Le Pen’s entrenchment of her politics in euroscepticism and an ‘us-versus-them’ strategy didn’t pay her the desired returns, as she lost in a landslide to Macron. The constituencies where she held a sway were predominantly working class and poorly educated; she couldn’t conquer the minds of the much sophisticated, economically prosperous, and well-educated Parisians, who seemed to love the gregarious Macron.

Lesson 2: Lead people on with optimism; cut back on finger-pointing.

Lesson 3: Populism works if you are popular. Study your customers, their preferences and likes and dislikes. Getting behind a position, popular only with a minority, isn’t populism.

Cue stateside politics: Donald J. Trump ran on a truly populist platform that sought to end establishment chokehold on Washington, rejuvenate America’s economy, whittle down unthrifty foreign policy, bring back jobs, get rid of the quagmire called ‘Obamacare,’ crackdown on illegal immigration and scale back legal immigration, and cut taxes – every thing that Americans love and nothing they loath.

Regardless of his politically unconventional behavior, his mortifying remarks about rivals and people he disliked, his lack of concrete plans, and his dearth of knowledge on several key policy issues, the vast majority of Americans ate up everything he said.

His shortcoming: he didn’t work his talking points into a dominant ideology. His presidency so far hasn’t been about pulling off an ideological plan; it has been about implementing a personal pledge, upon which rests his image and pride.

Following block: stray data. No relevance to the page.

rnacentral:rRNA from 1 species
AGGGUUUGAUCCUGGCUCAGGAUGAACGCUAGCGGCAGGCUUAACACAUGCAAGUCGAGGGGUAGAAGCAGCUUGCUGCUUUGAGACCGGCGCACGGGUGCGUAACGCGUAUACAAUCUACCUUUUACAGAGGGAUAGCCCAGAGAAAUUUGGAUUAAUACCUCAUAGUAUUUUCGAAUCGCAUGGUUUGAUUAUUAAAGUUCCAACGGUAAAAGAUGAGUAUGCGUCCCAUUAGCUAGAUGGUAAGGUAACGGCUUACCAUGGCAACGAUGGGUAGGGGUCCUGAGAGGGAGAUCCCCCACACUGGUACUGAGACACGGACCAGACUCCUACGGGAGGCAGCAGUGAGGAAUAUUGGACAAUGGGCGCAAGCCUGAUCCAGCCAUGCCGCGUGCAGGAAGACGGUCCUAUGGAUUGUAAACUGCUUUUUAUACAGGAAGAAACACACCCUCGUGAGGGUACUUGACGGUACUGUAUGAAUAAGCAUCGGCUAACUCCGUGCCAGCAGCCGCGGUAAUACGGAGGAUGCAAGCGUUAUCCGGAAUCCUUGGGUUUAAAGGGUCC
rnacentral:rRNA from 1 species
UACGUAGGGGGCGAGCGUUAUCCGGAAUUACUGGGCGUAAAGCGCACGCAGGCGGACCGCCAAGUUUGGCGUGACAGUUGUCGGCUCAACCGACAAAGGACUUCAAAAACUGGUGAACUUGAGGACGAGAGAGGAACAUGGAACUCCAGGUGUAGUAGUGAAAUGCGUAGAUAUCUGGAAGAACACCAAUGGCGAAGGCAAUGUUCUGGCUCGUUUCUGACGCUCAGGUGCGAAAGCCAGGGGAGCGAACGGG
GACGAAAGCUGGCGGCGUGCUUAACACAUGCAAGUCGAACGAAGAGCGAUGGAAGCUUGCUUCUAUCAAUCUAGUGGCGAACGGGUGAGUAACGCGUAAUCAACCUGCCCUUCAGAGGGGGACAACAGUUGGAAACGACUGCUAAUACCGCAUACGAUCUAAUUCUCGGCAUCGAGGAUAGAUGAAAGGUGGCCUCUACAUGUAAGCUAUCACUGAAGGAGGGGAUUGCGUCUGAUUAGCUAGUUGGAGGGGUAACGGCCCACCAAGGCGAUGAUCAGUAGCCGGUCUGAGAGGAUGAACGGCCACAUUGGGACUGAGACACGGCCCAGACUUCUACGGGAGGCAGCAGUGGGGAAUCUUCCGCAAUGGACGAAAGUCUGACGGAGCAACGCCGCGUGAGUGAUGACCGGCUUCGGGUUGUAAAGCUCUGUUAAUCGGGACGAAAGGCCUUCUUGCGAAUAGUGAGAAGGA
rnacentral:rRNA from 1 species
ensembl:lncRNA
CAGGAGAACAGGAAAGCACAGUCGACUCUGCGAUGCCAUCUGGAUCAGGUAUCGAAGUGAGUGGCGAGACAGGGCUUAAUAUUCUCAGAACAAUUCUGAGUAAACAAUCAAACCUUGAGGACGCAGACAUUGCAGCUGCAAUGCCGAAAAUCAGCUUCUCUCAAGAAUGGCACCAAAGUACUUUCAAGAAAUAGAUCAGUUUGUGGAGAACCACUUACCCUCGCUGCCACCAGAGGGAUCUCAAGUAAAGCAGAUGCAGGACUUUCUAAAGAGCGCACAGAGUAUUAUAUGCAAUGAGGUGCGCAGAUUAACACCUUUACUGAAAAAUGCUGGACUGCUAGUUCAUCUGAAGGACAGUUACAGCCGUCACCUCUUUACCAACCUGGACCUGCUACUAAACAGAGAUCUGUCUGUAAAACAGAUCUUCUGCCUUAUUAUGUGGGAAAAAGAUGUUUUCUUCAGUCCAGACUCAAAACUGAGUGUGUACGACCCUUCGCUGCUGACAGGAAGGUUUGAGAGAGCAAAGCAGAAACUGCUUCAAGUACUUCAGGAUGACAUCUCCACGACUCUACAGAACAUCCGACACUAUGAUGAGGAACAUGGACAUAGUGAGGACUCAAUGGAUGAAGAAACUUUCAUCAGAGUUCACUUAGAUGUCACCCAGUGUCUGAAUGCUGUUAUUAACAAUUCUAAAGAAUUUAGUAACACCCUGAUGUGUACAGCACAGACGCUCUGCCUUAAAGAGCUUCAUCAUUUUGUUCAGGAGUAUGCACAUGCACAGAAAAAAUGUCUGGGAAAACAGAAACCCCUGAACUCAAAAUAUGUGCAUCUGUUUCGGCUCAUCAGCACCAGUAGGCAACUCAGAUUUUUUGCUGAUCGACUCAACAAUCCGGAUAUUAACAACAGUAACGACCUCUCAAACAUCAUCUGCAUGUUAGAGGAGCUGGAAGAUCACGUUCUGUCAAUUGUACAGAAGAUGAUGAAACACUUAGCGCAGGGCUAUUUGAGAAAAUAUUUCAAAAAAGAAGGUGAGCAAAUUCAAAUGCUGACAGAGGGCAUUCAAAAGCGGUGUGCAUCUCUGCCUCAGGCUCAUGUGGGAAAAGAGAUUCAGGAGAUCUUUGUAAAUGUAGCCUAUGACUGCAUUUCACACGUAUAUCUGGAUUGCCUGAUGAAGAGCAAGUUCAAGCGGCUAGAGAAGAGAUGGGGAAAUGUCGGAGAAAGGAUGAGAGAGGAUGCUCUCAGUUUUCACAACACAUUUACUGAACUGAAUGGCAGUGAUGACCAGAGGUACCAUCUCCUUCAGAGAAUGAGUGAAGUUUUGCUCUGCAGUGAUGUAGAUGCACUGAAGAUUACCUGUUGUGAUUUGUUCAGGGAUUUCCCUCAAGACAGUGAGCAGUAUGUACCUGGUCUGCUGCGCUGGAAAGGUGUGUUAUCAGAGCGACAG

A lack of ideology also meant that he surrounded himself with people from across the spectrum with competing interests. His daughter and son-in-law, who are avowed liberals, didn’t get along well with the likes of his ex-chief strategist Stephen K. Bannon, a prominent alt-right chum and anti-globalist, who in turn was loathed by the establishment types like the military generals.

A mix of subordinates with conflicting interests and a lack of ideological vetting before hiring meant internal feuds, erratic hiring and firing, flip flopping on campaign promises (most recent of which was the decision to put more troops in Afghanistan), and political gaffes while responding to sensitive events.

More importantly, Trump’s brand of populism and political ineptitude has, not surprisingly, left him at loggerheads with the establishment as he went after his own party members and censured his Attorney General, Jeff Sessions, who has been his long standing and most loyal supporter.

The alienation and administrative chaos means very little, if any, of his agenda gets underway. Granted that Trump isn’t solely responsible for delays caused by a Republican establishment that resents him, dillydallies on reform, and pretends to be powerless in passing important legislation. But a modicum of political dexterity and sophistication could have helped Trump in rallying the languorous establishment in implementing his agenda. After all, Obama, despite political and public opposition to some of his policies, was able to ram through his manifesto.

Lesson 4: Popular issues need to be co-opted and realized into an ideology to make it marketable to the establishment and to avoid counter-productive administrative decision-making.

 

Lesson 5: Iconoclasm is good; but it should be kept in check with political skill and diplomacy.

Saurabh Malkar

An ex-dentist and a business graduate who is greatly influenced by American conservatism and western values. Having born and brought up in a non-western, third world country, he provides an ‘outside-in’ view on western values. As a budding writer and analyst, he is very much stoked about western culture and looks forward to expound and learn more.

Mr. Malkar receives correspondence at saurabh.malkar[at]gmail.com. To read his 140-character commentary on Twitter, follow him at @saurabh_malkar